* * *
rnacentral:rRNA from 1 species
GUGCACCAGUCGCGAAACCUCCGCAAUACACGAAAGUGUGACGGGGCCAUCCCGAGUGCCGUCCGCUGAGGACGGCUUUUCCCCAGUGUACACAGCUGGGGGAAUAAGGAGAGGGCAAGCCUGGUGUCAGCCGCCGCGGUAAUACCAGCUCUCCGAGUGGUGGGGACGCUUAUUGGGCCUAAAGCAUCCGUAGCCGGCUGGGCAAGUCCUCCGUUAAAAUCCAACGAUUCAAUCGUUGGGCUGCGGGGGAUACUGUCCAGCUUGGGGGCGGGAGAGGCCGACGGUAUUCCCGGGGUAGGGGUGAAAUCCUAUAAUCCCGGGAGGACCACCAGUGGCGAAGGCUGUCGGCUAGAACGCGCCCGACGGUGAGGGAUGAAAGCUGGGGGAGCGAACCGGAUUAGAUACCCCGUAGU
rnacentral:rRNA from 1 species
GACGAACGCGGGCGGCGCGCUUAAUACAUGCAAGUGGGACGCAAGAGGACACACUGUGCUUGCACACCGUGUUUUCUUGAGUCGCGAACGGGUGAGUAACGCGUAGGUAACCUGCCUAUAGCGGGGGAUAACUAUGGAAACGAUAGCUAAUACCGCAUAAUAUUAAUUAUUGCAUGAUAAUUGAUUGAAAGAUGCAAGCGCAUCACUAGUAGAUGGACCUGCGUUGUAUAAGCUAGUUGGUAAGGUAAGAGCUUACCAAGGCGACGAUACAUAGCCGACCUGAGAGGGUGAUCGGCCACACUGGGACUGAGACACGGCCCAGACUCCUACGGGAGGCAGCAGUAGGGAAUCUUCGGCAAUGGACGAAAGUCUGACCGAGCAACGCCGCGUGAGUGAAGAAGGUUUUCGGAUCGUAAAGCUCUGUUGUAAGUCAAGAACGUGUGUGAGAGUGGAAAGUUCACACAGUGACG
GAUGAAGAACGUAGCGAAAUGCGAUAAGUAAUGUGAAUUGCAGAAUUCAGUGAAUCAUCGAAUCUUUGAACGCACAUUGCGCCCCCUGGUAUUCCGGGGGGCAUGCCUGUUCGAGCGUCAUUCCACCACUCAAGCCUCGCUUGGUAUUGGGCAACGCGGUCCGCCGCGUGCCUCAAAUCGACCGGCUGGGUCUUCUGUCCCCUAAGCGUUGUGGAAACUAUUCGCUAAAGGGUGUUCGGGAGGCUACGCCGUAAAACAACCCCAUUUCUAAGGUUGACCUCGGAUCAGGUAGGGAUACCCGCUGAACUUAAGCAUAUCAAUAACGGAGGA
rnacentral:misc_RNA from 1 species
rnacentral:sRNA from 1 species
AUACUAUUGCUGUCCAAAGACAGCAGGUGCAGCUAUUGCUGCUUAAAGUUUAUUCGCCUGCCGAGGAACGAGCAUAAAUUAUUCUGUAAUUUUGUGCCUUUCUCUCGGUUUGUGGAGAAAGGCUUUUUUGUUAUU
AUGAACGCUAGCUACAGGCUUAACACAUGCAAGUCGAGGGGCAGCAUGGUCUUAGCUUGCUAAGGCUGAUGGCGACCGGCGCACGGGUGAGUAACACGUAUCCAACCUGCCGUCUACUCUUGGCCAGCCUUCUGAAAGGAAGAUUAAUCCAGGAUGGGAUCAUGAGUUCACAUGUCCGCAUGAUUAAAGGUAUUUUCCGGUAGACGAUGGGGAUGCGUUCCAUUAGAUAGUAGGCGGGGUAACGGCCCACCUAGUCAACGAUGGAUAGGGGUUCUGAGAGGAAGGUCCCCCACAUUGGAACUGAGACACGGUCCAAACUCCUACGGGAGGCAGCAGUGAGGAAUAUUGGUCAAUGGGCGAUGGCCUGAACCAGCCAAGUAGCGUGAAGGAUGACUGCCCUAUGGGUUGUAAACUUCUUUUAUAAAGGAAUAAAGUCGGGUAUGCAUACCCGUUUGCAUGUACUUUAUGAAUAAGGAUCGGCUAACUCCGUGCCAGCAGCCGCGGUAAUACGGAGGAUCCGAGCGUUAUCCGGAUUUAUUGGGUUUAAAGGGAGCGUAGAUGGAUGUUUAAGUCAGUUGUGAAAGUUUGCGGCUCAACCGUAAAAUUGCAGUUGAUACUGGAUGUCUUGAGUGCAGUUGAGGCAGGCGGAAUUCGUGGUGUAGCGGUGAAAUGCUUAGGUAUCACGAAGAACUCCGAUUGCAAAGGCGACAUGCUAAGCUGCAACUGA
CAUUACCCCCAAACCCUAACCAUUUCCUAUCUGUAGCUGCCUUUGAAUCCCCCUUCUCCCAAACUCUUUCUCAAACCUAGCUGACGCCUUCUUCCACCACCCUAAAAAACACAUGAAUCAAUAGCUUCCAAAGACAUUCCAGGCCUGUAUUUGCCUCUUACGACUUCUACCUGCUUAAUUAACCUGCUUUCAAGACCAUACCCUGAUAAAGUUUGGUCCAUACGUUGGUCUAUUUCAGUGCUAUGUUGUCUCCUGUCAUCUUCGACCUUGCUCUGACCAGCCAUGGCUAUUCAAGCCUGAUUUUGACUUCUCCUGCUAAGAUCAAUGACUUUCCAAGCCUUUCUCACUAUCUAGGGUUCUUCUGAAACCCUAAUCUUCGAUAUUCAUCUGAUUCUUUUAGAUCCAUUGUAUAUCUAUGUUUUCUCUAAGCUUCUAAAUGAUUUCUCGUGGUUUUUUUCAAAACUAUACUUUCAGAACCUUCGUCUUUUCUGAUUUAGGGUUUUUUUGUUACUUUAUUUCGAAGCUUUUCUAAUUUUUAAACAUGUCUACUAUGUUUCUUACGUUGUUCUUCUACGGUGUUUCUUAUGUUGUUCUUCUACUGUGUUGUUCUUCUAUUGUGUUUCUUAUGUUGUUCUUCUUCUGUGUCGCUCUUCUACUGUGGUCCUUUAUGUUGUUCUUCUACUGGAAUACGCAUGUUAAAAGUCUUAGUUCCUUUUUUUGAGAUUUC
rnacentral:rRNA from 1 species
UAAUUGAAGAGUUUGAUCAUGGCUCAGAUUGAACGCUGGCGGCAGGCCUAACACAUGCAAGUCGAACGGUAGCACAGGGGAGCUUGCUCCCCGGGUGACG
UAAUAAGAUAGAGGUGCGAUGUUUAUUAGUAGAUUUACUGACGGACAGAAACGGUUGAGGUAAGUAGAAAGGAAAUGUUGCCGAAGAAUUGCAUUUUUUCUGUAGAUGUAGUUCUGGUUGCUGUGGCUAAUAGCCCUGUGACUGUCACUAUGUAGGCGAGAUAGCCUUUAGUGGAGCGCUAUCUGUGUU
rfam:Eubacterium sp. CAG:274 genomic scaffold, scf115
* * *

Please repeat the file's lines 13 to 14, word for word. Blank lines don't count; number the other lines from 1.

UAAUAAGAUAGAGGUGCGAUGUUUAUUAGUAGAUUUACUGACGGACAGAAACGGUUGAGGUAAGUAGAAAGGAAAUGUUGCCGAAGAAUUGCAUUUUUUCUGUAGAUGUAGUUCUGGUUGCUGUGGCUAAUAGCCCUGUGACUGUCACUAUGUAGGCGAGAUAGCCUUUAGUGGAGCGCUAUCUGUGUU
rfam:Eubacterium sp. CAG:274 genomic scaffold, scf115